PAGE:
Justia U.S. 1st Circuit Court of Appeals Opinion Summaries

Articles Posted in Legal Ethics
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A federal grand jury issued a subpoena to a law office, commanding production of documents relating to a real estate transaction. The attorney obtained the client's consent and complied. The client changed his mind, notified USAO that the documents were privileged, and moved to quash the subpoena.The district court found that the documents were not privileged. The First Circuit affirmed. The district court acted within its discretion in conducting an in camera review; the client's generalized assertion of privilege did not establish that privilege attached to any particular document. The documents would have been disclosed at closing and the attorney essentially acted as a scrivener and disburser of funds. The request for production did not implicate the privilege against self-incriminating testimony.

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The former (2001-2006) Assistant Secretary of State for Protocol Affairs at the Puerto Rico State Department sued the Secretary of State under 42 U.S.C. 1983, alleging that the official fired him due to his political affiliation. The district court dismissed, holding that plaintiff could be terminated without cause because he held a trust position for which party affiliation was an appropriate qualification, and fined plaintiff's attorneys $1000 each, concluding that the pleadings and responses that they submitted violated Federal Rule of Civil Procedure 11(b). The First Circuit affirmed; plaintiff's position was not federally protected against political discrimination. The pleadings at issue consisted, in large part, of speculation and conclusory allegations lacking evidentiary support.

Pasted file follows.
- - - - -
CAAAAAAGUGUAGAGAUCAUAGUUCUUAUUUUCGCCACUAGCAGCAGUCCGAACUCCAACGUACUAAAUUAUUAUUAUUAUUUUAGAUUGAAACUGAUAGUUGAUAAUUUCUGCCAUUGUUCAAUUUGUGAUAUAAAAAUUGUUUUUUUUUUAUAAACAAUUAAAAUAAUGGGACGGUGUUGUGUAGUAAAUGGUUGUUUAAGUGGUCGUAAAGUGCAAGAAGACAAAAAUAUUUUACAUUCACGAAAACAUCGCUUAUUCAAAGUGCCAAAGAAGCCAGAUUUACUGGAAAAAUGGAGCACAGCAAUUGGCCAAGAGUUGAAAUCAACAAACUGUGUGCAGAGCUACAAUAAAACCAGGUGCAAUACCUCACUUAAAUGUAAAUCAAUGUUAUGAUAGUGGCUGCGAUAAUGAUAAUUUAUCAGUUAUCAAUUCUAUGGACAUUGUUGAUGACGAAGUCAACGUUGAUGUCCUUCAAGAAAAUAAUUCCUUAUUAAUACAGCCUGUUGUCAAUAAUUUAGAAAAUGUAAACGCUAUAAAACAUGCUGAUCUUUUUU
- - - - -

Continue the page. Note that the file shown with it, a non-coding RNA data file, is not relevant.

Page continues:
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In a suit under the Copyright Act, 17 U.S.C. 106, described by the court as the equivalent of hand-to-hand combat, the plaintiff settled with some defendants for $30,000. After trial plaintiff obtained injunctive relief and statutory damages in the amount of $40,000 against others, offset by the $30,000 settlement. The court awarded $98,745 in attorney fees; a motion for costs, initially denied, remained pending. The First Circuit affirmed, first noting that the district court had cured a jurisdictional defect by awarding $3,413.05 in costs. The district court correctly applied the lodestar method. Although the fees exceed the award, the violation was willful and the injunctive relief may be worth more that the award of damages. While a rejected Rule 68 offer, not improved upon at trial, obligates the plaintiff to pay the defense costs incurred subsequent to the rejection the offer plaintiff made before trial was not a Rule 68 offer.